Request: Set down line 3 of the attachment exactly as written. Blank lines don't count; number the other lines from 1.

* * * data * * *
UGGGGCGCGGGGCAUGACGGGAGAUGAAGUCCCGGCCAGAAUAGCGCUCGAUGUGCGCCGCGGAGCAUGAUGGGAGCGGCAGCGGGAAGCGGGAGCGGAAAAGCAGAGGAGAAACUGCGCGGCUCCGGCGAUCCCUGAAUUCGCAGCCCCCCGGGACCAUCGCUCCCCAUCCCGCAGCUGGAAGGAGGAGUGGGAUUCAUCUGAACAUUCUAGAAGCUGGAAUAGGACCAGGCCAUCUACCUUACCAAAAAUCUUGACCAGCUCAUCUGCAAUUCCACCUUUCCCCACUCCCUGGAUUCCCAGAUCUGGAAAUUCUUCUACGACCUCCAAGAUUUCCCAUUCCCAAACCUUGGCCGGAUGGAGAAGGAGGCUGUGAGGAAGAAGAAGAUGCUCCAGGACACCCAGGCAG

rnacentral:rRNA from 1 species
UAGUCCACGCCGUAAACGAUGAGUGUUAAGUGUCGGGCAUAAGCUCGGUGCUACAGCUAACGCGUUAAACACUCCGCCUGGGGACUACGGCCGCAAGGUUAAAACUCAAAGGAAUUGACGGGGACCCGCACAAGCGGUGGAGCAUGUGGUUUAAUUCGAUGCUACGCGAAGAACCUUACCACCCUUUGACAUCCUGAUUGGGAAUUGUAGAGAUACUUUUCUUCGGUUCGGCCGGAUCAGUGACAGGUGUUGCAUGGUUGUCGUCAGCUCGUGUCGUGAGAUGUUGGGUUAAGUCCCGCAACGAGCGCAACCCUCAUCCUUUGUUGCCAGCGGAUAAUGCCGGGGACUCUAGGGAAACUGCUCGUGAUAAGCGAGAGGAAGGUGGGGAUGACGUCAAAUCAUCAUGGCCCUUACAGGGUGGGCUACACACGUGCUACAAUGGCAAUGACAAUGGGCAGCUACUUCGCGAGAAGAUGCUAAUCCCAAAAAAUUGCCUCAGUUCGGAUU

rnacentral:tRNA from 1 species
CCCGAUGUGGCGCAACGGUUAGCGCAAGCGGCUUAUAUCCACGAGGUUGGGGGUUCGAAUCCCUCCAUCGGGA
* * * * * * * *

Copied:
UAGUCCACGCCGUAAACGAUGAGUGUUAAGUGUCGGGCAUAAGCUCGGUGCUACAGCUAACGCGUUAAACACUCCGCCUGGGGACUACGGCCGCAAGGUUAAAACUCAAAGGAAUUGACGGGGACCCGCACAAGCGGUGGAGCAUGUGGUUUAAUUCGAUGCUACGCGAAGAACCUUACCACCCUUUGACAUCCUGAUUGGGAAUUGUAGAGAUACUUUUCUUCGGUUCGGCCGGAUCAGUGACAGGUGUUGCAUGGUUGUCGUCAGCUCGUGUCGUGAGAUGUUGGGUUAAGUCCCGCAACGAGCGCAACCCUCAUCCUUUGUUGCCAGCGGAUAAUGCCGGGGACUCUAGGGAAACUGCUCGUGAUAAGCGAGAGGAAGGUGGGGAUGACGUCAAAUCAUCAUGGCCCUUACAGGGUGGGCUACACACGUGCUACAAUGGCAAUGACAAUGGGCAGCUACUUCGCGAGAAGAUGCUAAUCCCAAAAAAUUGCCUCAGUUCGGAUU